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December 23rd

Dad gets his antibiotic at 6 a.m. and midnight; he has some sort of pneumonia; there’s been no fever and the coughing has stopped, but still he gets more antibiotics until Monday midnight. I gave him the pill at 11:30 and got him to bed. He had fallen asleep watching the Eagles vs the Giants game. At 2 a.m. he rang the bell—Akram heard it first and woke me up—I thought it was 6 a.m. and I had to give Dad an antibiotic again. But he had to go to the bathroom, got out of bed and I walked with him as he went with his walker. I waited while he moved his bowels, then Dad wiped himself, got up off the toilet, and—my turn—I cleaned him as well while he leaned against me.


Dad washed his hands in the sink and made his way back to bed. Cachito had been behind the couch in the living room lying next to the radiator, but when Dad sat on the bed, the cat appeared meeowing, jumped up and they both lay down together making their noises, their sounds. In the kitchen I washed my hands—You are supposed to do it for as long as it takes to sing Happy Birthday, which is what I did.

Morning, a crow caws in the field waiting for more food. Not now, buddy—later on. I sit by the window on the second floor in what is now the guest room looking out at the backyard, or the side yard really. For years there had been an apple tree here obstructing the view; in fact the branches came right up to the window and made a noise scraping like they wanted to come in when there was wind.

Its blossoms were as beautiful as it gets when they fragrantly welcomed every spring, but the apples were small and sour and stretched the mouth taut if you took the time to gnaw on one, so small and bitter it seemed impossible to make the effort to make anything with them, but sometimes now that I remember they did get yellow and maybe a little sweet if you waited long enough for them—anyway both the blossoms and the bitterness are gone.

Now I can see clearly down to where the swamp is and the cars on 322, hidden by pines, go by, heard but not seen. The ground is frosty cold, a frozen green lawn with some snow at its edges, but it is supposed to get warmer and that snow will be gone.

I’ve been making chapbooks with the poems I wrote in the 1970s when I was in my 20s. The chapbook I just finished and printed out, a dozen or so copies for Christmas presents, I picked up while looking out the window and began to read it again. It’s called Home written between 1974 and 76 when I went from 25 to 27. “Perfect, perfect,” I thought happily and then as I read The Noose I saw an erratum—I couldn’t believe it!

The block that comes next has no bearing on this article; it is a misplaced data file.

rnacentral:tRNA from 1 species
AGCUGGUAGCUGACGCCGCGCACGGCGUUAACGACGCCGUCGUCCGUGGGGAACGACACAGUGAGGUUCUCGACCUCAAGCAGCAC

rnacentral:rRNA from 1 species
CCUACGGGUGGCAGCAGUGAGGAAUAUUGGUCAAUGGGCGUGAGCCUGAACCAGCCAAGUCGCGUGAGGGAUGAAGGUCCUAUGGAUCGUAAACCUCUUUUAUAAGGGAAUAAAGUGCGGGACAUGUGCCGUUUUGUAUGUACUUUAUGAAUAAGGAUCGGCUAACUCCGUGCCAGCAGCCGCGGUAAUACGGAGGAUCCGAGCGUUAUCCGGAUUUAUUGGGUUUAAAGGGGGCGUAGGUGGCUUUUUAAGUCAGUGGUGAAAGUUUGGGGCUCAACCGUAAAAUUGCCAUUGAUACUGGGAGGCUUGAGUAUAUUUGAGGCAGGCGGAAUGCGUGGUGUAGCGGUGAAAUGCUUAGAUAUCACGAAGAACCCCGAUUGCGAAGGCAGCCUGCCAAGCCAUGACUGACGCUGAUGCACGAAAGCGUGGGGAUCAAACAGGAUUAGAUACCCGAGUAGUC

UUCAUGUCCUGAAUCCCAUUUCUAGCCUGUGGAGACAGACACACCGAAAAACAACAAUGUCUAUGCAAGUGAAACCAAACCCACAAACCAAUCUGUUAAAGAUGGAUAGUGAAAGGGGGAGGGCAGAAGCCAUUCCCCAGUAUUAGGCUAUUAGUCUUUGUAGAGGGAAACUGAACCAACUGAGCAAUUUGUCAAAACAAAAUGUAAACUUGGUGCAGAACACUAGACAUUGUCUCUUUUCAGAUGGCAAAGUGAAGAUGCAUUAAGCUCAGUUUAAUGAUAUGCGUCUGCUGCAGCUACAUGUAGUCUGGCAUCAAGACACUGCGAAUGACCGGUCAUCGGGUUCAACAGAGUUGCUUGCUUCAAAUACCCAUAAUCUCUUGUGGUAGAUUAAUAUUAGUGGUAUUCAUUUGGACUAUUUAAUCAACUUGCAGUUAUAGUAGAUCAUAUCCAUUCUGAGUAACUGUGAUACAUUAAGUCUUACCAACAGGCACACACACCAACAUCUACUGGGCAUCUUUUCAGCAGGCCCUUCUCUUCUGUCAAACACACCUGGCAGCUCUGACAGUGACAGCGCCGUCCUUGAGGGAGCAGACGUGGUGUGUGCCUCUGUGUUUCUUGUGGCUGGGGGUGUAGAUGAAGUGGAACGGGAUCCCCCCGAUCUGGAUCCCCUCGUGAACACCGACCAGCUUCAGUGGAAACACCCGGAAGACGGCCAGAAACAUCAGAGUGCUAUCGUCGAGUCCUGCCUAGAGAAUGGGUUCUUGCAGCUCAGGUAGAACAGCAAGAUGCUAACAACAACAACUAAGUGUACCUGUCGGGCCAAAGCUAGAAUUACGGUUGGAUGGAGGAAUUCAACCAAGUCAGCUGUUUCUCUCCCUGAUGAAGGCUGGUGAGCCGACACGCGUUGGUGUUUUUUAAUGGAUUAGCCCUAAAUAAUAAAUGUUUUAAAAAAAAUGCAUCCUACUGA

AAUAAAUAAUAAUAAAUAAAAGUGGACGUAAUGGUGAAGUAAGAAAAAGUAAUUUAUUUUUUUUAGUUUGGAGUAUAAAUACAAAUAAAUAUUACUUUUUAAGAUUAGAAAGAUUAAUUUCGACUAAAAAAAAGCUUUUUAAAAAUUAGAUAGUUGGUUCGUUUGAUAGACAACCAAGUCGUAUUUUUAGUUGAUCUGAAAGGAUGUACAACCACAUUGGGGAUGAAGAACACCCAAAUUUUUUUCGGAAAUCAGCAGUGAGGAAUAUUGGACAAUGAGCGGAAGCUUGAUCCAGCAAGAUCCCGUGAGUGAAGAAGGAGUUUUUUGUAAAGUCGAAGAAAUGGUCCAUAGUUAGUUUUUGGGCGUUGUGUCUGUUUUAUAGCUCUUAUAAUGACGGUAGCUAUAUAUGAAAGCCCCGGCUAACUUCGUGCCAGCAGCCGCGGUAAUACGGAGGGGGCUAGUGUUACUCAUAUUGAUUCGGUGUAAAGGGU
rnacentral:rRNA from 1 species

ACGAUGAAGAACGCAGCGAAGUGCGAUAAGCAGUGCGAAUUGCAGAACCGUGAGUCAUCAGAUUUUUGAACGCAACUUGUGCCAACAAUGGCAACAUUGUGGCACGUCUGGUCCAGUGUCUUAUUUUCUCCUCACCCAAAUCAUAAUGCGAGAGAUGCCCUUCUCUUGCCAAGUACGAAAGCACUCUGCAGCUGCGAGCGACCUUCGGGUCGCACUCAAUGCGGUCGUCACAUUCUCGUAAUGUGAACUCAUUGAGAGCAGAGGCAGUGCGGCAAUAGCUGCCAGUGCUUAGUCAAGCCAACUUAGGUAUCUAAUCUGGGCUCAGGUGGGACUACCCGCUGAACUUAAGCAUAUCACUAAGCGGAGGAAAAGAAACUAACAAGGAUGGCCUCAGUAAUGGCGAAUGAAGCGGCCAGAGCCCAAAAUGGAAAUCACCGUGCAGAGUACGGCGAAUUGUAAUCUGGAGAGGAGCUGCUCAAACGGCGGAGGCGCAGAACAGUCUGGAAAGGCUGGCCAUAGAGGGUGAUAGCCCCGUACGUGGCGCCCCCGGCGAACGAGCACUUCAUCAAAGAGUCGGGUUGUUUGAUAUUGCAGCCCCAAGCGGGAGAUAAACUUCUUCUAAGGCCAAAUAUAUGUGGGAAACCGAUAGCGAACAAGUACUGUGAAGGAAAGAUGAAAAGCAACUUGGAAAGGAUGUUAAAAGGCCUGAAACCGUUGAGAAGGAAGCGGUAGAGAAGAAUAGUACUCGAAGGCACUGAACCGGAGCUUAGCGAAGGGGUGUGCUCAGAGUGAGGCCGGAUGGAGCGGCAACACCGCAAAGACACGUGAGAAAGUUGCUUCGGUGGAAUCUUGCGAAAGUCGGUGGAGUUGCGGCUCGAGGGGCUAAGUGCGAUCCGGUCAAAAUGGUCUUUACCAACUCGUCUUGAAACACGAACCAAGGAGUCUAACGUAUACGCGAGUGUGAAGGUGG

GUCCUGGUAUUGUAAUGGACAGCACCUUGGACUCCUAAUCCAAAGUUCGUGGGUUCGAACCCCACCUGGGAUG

Here is the poem. Can you see the mistake?

The Noose

Art, the noun, is holy
though its adjectives tend gory
as that guitared comet, Jimi Hendrix,
a young poet who went beneath his vomit.
Cannibalism’s commonplace
among survivors on lost summits.

If God is Love than Art is God.
Destruction’s Creation, The Way.
Just be careful where you stand
your actions are boomerangs
even when it’s Love you project
to break your enemy’s neck.

Saint Peter understood.
He said, “Hang me upside down.”
Saint Francis fled his nice warm bed
to die on the cold ground.
“But God is dead,” Nietzsche said
going immediately out of his head.

No, no, not guitared; guitared is a word I made up; that’s legitimate. “If God is Love than Art is God” should be “If God is Love then Art is God,” “than” should be “then,” not a comparison of things, but a conclusion, a place finally in time. I shook my head a little sadly—I’ve already mailed out several copies to friends—but also with good humor, or with a resigned smile anyway. How did this obvious little erratum happen, slip by my brain and eyes? I have read it a million times! Why do I see it now this morning as I look out the window? If a writer is artful and loving, the mistakes will not matter; corrections, always seeing, always seen, will happen (my hope and my guess). It seems whenever I give a poem to someone that is when I see it and not until then. It needs another’s eye to be complete and end.

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